What to do with a new-to-English student?
A guide for Language Arts teachers in 4J
Author: Jenoge Khatter (c) 2014

Step 0.) Consider reading this 4J-recommended article. You could also browse the links on the page for additional information. (Here's another, much more verbose article, if you're interested in knowing more.)

Step 1.) Be friendly and say hello.

Step 2.) Get a laptop and translate, even if imperfectly, whatever you would like to say to her or him.

Step 3.) Until you have access to something better, Google "______________ English word list" and try to find a search result that might give your student at least an opportunity to practice English orthography with words from their native language.

Step 4.) Print the materials found here. Alternatively, ask your school's ELD instructor to show you how to log your student into Rosetta Stone.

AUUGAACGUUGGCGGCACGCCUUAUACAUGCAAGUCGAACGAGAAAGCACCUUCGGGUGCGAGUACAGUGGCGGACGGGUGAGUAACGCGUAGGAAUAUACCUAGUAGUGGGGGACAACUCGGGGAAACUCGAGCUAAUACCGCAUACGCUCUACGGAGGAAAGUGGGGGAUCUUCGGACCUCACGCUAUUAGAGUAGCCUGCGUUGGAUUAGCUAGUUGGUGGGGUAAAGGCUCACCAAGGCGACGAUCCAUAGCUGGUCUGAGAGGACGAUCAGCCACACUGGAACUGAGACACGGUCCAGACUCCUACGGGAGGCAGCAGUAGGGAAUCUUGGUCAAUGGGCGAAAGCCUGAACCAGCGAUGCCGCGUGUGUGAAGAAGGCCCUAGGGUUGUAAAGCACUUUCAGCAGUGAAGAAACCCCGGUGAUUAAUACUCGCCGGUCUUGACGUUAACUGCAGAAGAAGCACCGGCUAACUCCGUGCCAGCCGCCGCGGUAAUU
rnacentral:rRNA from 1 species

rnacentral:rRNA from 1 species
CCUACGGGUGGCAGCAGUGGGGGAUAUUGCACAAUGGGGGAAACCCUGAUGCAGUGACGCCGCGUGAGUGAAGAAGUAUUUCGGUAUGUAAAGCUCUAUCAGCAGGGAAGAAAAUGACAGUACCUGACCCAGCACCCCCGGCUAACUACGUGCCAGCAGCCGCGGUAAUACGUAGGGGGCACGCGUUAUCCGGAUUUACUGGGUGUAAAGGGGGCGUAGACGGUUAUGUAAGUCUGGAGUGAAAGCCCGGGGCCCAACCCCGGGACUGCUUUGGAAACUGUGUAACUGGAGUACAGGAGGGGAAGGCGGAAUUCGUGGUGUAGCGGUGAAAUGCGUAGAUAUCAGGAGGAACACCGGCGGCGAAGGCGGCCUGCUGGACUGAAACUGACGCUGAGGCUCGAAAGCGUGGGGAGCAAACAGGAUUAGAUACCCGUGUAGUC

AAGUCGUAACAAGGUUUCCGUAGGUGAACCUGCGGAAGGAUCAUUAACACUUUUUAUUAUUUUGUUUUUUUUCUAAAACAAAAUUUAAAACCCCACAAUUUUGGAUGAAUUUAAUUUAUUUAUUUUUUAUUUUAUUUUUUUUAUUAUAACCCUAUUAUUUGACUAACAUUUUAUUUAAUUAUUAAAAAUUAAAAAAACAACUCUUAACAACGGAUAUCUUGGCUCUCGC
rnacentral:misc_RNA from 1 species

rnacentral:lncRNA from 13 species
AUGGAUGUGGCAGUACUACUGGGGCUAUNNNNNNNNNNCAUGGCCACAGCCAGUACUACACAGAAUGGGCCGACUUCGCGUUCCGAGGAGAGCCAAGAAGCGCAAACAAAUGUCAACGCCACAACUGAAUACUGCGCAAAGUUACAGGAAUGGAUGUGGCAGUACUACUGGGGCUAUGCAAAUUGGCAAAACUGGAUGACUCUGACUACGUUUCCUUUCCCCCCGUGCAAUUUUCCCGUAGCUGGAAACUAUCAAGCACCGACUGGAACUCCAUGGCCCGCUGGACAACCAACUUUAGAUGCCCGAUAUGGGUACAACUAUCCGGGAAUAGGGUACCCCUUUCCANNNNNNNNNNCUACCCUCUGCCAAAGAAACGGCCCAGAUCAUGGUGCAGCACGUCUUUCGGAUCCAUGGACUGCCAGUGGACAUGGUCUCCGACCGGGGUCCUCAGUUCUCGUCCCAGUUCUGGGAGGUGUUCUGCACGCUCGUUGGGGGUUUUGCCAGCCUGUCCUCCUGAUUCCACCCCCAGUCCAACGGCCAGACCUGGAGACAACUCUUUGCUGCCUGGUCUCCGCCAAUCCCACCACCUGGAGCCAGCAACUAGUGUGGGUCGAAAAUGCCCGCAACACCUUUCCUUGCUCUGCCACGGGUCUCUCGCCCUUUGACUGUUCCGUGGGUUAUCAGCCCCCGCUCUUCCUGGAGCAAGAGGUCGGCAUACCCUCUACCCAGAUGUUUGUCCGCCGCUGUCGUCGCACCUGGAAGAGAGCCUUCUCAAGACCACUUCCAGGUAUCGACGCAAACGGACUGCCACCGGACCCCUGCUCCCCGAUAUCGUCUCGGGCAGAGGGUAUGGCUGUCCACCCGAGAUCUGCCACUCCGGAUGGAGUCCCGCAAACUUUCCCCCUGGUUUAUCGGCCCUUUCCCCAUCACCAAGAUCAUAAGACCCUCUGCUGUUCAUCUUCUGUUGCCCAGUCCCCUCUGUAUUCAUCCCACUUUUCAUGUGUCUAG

Step 5.) If you know or sense that your student speaks Spanish, Korean, Mandarin, or Arabic, contact your school's ELD instructor to get language-specific resources to help your student with the materials from Step 4. If you know or sense your student speaks a language other than the four listed, discover what their native language is by talking to your school's registrar and ask 4J's ELL Program department leaders if there are any resources specifically for students of that language.

Step 6.) Have your student get as far as s/he can with copies of this resource and a computer thesaurus or thesaurus.com. For the images, they could use Google Images to print or get inspiration for drawing.

Step 7.) Talk to members of your Front Office to find out if there are other students of a same or similar language background who might be willing to assist the newcomer. Also, consider contacting international UO student groups to see if there might be any college students willing to also be an advocate.